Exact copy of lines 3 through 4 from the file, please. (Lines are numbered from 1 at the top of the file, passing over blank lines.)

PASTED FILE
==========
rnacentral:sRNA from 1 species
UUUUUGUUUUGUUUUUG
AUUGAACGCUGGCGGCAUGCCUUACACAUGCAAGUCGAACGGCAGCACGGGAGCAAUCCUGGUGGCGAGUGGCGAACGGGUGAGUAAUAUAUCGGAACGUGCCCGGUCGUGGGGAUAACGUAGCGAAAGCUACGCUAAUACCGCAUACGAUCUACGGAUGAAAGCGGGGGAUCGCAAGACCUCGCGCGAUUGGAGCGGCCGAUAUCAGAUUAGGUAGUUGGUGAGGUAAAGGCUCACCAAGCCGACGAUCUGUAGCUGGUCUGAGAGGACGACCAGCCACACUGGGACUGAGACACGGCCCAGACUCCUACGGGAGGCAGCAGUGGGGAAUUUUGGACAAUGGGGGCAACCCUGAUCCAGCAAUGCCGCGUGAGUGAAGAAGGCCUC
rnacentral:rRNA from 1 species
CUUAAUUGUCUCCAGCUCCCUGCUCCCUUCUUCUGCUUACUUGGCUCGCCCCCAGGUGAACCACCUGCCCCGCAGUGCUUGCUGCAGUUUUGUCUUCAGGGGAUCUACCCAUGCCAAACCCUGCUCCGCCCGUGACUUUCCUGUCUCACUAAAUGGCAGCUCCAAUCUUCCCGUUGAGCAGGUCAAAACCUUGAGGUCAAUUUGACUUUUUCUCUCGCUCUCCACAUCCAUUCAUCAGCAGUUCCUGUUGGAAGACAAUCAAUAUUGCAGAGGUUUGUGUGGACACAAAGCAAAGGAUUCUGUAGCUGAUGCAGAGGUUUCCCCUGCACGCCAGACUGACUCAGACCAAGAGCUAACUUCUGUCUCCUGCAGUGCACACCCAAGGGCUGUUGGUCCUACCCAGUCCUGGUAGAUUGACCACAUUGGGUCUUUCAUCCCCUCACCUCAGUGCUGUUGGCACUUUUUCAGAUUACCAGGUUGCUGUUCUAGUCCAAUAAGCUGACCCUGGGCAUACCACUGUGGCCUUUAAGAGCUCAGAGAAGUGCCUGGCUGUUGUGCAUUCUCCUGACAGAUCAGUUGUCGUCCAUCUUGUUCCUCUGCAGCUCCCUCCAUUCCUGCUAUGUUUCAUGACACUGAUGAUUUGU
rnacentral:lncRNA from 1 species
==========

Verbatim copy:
AUUGAACGCUGGCGGCAUGCCUUACACAUGCAAGUCGAACGGCAGCACGGGAGCAAUCCUGGUGGCGAGUGGCGAACGGGUGAGUAAUAUAUCGGAACGUGCCCGGUCGUGGGGAUAACGUAGCGAAAGCUACGCUAAUACCGCAUACGAUCUACGGAUGAAAGCGGGGGAUCGCAAGACCUCGCGCGAUUGGAGCGGCCGAUAUCAGAUUAGGUAGUUGGUGAGGUAAAGGCUCACCAAGCCGACGAUCUGUAGCUGGUCUGAGAGGACGACCAGCCACACUGGGACUGAGACACGGCCCAGACUCCUACGGGAGGCAGCAGUGGGGAAUUUUGGACAAUGGGGGCAACCCUGAUCCAGCAAUGCCGCGUGAGUGAAGAAGGCCUC
rnacentral:rRNA from 1 species